Posted by Aaron Barton on Mar 4th 2023
Aruncus dioicus (ah-RUN-kus dye-oh-EE-kus), or goatsbeard, is an impactful perennial able to thrive in a wide array of conditions, not to be confused with Astilbe. Goatsbeard, of the rose family, Rosaceae, is native to deciduous woodlands of eastern and central North America including Minnesota’s neighboring states of Wisconsin and Iowa, as well as western Europe and southeastern Asia.
Despite its large, shrubby appearance, goatsbeard is an herbaceous perennial, slowly spreading by rhizomes to form lush clumps of pinnately compound leaves, each composed of twenty or more toothed leaflets. Aruncus is somewhat slow to establish, ultimately reaching a mature size of 36-48” tall and wide over a few years. Blooming in late spring through early summer, Aruncus produce massive feather-like plumes upwards of 18” long with numerous small ivory white flowers. While never distinguished, goatsbeard is dioecious, meaning there are distinct male and female plants, with male plants producing slightly showier blooms than female plants due to their numerous stamens per flower, while female blooms only have three. After blooming, goatsbeard may be pruned back to promote dense, bushy growth through the remainder of the season or left alone for dried interest.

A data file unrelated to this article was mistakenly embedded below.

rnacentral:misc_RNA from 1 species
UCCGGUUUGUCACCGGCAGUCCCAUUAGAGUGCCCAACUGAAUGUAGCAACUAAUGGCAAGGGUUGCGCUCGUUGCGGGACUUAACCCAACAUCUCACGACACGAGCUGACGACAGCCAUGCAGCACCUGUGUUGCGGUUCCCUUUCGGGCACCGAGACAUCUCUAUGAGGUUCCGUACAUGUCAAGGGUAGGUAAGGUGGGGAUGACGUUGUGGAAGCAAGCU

Preferring moist, well-drained soil in part sun, goatsbeard is deer and rabbit resistant, tolerant of most site conditions, including full sun or full shade, as well as clay soils or consistently wet areas, and is intolerant of drying out completely.
Aruncus create an incredible backdrop for shade gardens, planted in mass groupings, along ponds or streams, or used in woodland gardens. In addition to the native species, ‘Misty Lace’ offers a more compact habit with red stems, reaching a mature size of two to three feet tall and wide, a hybrid of Aruncus dioicus and the Korean native dwarf goatsbeard, Aruncus aethusifolius.
Unlike its large and stately relative, dwarf goatsbeard is excellent for shady edging, low borders, or used as a shady groundcover, reaching a mature size of 6-12” tall and wide. Sharing similar site preferences to goatsbeard, dwarf goatsbeard has deeply lobed, fern-like foliage with small ivory plumes rising well above the foliage. In fall, Aruncus aethusifolius continues the show with showstopping orange and yellow fall color.